Sweden captain Victor Lindelof ‘devastated’ after attack in Brussels
Swedish players told UEFA they did not want to play the second half of the match in Brussels and the Belgian team agreed.
Sweden captain Victor Lindelof has opened up on the killing of two Swedish nationals in Brussels on Monday ahead of their Euro 2024 qualifier against Belgium.
The match in the Belgian capital was abandoned at half-time after teams were informed that a gunman had killed two people three miles from the Roi Baudouin Stadium.
Swedish players told UEFA they did not want to play the second half of the match and the Belgian team agreed, according to Swedish broadcaster TV6.
It was not until around 4 a.m. local time when the remaining Sweden fans left under police protection, with a group of around 650 believed to have been at the match.
Lindelof reacts to deaths
Belgian media outlets report that the two people killed were wearing soccer shirts of the Swedish national team.
In a post on Instagram, Manchester United defender Lindelof said: “I’m shocked and devastated by the terrible incidents in Brussels with the cold-hearted attacks on our fellow Swedes.
“I’m lost for words for the cruelty and inhumanity, I want to send my deepest condolences to the families and friends of those affected.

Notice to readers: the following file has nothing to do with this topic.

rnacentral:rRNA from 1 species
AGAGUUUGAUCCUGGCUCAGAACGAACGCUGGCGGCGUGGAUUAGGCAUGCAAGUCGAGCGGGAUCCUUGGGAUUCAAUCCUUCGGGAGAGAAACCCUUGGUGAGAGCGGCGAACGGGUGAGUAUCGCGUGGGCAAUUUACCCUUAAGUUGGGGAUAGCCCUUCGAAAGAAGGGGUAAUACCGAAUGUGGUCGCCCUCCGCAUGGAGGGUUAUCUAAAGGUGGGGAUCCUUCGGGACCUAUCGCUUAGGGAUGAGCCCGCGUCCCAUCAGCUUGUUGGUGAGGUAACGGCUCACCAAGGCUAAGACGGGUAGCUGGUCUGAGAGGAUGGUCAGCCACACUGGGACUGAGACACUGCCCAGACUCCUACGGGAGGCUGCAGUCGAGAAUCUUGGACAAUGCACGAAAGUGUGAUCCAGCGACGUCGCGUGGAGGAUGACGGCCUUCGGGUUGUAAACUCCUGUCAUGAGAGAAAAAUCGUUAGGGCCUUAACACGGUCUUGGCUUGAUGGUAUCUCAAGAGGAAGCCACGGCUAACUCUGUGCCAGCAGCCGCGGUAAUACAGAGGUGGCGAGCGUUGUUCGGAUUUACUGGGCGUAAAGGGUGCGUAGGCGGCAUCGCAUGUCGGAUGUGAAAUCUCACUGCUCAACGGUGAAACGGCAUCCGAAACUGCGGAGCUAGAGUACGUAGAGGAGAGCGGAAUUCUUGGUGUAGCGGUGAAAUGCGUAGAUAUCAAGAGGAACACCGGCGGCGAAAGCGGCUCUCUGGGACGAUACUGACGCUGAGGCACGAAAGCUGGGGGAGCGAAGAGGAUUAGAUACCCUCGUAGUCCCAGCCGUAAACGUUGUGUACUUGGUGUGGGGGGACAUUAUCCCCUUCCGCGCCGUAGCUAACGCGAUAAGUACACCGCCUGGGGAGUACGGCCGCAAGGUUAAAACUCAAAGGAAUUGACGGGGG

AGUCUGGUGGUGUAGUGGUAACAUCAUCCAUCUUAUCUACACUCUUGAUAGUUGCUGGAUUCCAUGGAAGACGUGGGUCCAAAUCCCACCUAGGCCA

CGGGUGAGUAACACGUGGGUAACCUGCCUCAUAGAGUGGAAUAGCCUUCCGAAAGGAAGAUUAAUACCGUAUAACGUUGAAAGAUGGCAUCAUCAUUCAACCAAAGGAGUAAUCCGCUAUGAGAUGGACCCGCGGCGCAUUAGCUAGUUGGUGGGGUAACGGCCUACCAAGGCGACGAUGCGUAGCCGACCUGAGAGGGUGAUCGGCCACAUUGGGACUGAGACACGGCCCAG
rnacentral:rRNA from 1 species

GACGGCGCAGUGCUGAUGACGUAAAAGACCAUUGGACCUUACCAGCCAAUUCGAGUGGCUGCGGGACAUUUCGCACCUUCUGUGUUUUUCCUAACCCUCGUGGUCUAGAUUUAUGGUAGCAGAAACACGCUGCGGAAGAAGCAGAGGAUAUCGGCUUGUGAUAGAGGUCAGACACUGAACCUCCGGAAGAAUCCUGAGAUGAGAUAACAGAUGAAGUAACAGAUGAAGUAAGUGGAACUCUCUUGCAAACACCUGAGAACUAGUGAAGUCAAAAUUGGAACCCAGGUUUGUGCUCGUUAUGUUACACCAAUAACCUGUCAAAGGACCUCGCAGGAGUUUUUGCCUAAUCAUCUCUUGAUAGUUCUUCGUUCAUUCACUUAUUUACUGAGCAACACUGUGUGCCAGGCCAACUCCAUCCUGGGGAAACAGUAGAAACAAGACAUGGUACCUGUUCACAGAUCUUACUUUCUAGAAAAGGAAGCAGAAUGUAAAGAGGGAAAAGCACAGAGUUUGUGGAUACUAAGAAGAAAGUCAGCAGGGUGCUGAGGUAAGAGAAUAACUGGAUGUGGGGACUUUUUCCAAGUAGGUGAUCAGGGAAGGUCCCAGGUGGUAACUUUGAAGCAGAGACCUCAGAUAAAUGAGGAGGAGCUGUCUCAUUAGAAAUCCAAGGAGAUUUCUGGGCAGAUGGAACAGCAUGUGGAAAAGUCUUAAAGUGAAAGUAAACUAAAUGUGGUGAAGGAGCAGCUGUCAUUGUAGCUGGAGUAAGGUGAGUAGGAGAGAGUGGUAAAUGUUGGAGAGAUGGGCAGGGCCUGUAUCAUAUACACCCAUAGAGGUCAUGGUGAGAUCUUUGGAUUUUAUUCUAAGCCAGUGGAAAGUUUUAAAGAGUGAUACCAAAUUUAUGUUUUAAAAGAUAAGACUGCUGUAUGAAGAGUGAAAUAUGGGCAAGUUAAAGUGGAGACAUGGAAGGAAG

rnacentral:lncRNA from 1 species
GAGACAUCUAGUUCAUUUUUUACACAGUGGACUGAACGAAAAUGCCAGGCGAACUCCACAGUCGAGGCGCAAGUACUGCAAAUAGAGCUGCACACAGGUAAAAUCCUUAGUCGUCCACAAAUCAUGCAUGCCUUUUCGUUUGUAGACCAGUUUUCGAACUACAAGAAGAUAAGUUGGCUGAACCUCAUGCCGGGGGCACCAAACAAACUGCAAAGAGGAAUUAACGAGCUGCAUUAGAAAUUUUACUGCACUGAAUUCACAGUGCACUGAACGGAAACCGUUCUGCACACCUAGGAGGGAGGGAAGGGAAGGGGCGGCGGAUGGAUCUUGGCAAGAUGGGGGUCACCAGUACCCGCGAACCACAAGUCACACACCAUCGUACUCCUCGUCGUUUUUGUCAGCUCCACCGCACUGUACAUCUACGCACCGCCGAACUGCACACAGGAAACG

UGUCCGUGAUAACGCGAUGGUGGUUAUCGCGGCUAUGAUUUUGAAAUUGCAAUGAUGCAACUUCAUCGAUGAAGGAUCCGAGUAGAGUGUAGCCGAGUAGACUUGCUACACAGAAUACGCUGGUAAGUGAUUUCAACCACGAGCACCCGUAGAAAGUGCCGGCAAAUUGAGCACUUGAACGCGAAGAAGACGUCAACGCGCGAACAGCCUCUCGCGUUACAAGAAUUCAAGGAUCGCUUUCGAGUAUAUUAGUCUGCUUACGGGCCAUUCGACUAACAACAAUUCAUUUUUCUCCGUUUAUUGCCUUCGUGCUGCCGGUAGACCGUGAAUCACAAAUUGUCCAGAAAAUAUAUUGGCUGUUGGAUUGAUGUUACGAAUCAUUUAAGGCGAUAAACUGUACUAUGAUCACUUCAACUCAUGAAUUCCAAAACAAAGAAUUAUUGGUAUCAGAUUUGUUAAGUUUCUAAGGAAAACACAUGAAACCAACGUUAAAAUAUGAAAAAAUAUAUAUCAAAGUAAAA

“At the same time, my thoughts go out to all the supporters in Belgium last night, no one should ever go to a game of football and feel unsafe when supporting their team.”
Belgian Prime Minister Alexander de Croo went on social media to offer his “sincere condolences to the Swedish PM following tonight’s harrowing attack on Swedish citizens in Brussels”.
Fans held in hotels
Chairperson of supporters’ group Camp Sweden, Susanne Petersson, told Reuters that fans were held in hotels overnight before going home on Tuesday.
“We were uneasy and confused, it was difficult to understand what had happened,” Petersson said.
“If it was aimed at Swedish people or if it was just Swedes that had ended up in something. We had contact with the police before we gathered (in Brussels), and we didn’t feel particularly unsafe at that point, but then questions started to come on social media and we understood that something had happened.
“I was one of the last to leave as they had to organise it with police and buses so that it would be safe for us to leave. They provided buses and had routes that delivered everyone to their respective hotels, and the police went in with them to each hotel.”